The US Air Force’s (USAF) ‘most advanced’ F-35 stealth fighters have been plagued by engine troubles. To make matters worse, there is an acute shortage of engines, forcing the USAF to revise its 2021 aerial demonstration schedules.
As reported earlier by Bloomberg, the aerial demonstration team, which is headquartered at Hill Air Force Base in Utah, had cut eight shows this year, which were about a third of its total performance schedule.
The decision was taken to “ensure the flying doesn’t aggravate a worsening service-wide shortage of Raytheon Technologies Corp. engines”.
Lockheed Martin’s F-35s are the most sought-after fighter jets on the planet. The 18-minute long performance flights have been designed to showcase the F-35’s capabilities, including its speed, agility, and high g-turning.
Defense officials were quoted by Bloomberg as saying the engines F-35 fighters were edging towards the “limits of their design” as overheating causes premature cracks in them.
The engines of the stealthy fighter jets were reported to be “removed or repaired earlier than anticipated, aggravating an already backlogged depot system.”
The Bloomberg report said quoting officials of the F-35 program that in the worst-case scenario, up to 20 percent of US Air Force’s F-35 could face a shortage of engines by 2025.
Earlier, the demo team had announced around 24 shows that were scheduled for this year. However, on February 11, a decision was taken to revise the schedule.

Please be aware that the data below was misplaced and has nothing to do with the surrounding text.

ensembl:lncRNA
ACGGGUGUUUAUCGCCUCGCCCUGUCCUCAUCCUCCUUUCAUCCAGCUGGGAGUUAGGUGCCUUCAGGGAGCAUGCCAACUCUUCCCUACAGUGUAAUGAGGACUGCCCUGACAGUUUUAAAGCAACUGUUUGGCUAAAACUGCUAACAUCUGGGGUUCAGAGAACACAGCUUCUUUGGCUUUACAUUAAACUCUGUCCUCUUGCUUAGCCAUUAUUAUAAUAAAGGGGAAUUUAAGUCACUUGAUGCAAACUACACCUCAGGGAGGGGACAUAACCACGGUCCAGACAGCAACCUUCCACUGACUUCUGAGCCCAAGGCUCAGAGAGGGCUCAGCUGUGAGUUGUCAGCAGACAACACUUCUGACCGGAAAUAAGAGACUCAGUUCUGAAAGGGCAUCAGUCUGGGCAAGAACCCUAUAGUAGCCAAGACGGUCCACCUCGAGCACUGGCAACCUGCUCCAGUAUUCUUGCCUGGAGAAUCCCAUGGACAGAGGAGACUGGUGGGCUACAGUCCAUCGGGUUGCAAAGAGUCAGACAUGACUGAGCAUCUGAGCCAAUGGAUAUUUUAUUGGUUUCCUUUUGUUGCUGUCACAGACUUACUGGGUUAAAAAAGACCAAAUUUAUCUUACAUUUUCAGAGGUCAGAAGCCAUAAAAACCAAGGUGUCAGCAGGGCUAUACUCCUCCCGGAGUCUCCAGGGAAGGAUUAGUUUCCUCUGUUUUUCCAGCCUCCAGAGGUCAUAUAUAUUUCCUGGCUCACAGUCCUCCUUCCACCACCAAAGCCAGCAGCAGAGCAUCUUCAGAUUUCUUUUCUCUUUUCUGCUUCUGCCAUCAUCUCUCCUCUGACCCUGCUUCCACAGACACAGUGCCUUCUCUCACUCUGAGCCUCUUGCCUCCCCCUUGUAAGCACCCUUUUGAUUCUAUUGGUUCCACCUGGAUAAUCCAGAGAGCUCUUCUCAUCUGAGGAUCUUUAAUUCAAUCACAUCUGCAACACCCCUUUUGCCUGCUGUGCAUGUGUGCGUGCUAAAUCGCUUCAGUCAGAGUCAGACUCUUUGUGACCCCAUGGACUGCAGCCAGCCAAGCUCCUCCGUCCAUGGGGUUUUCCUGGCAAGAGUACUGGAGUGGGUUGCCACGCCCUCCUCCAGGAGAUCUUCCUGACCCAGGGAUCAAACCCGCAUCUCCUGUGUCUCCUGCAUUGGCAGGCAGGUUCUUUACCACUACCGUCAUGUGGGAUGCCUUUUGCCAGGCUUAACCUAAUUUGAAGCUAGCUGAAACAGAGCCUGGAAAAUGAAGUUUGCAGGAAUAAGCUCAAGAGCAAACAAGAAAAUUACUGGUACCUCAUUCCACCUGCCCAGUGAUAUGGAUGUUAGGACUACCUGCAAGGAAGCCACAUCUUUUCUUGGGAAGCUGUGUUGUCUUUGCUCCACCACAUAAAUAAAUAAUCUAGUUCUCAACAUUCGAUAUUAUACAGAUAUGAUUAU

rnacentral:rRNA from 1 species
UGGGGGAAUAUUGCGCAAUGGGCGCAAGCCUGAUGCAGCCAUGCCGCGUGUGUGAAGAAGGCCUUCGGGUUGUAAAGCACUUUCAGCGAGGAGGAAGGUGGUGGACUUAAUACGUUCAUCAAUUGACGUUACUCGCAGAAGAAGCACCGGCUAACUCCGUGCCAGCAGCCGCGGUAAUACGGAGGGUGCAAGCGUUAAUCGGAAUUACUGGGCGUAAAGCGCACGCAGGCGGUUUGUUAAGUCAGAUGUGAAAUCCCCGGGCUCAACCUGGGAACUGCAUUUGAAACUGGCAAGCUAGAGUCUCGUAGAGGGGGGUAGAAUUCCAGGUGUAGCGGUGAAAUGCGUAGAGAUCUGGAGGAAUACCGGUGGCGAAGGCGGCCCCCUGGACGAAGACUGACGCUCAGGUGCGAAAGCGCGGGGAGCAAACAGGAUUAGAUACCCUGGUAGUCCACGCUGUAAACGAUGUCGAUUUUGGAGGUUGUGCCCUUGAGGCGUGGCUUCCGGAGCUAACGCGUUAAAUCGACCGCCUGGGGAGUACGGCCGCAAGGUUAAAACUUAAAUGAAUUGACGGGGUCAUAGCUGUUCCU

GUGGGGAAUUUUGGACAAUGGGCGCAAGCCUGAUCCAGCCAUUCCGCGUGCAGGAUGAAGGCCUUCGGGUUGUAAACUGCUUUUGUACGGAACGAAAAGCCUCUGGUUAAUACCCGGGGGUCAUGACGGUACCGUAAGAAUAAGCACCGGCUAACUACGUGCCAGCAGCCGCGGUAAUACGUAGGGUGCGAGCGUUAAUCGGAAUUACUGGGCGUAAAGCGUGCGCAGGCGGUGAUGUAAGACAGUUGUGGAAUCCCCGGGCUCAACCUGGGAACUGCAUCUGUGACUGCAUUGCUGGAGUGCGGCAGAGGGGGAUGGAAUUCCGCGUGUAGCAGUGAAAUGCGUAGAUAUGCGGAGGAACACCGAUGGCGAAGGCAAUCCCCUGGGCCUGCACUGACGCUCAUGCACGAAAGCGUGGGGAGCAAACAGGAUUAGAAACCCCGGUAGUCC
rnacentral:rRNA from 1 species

On its website, the schedule was replaced by a message from the group, which stated, “Our 2021 performance schedule is currently being updated … a new schedule will be published here as soon as it is finalized.”
Around 78 Lockheed F-35 stealth fighters are owned and operated by the active-duty fighter wing along with its reserve counterpart, the 419th Fighter Wing.
Despite the engine troubles, the wing issued a statement to clarify that the problems had not hampered real-world combat operations.
The wing had reportedly completed three combat deployments of F-35s in the Middle East since the second half of the year 2019.
“We in the 388th Fighter Wing, like the rest of the F-35A community, have been working through some challenging engine sustainment issues,”
“However, the hard work of our maintainers has enabled us to safely and consistently meet our operational requirements, including three recent combat deployments. We are confident in the F-35’s ability to execute its primary combat mission,” said the statement.
The Air Combat Command, which is the primary provider of combat forces to the US Air Force, has been working with the F-35 Joint Program Office to find a solution for the engine sustainment.
The schedule of the aerial demonstration team is likely to be scaled back “until the sustainment challenges can be further addressed”, as per the statement.
Last year, the demo team had to cancel a number of shows owing to the Covid-19 pandemic.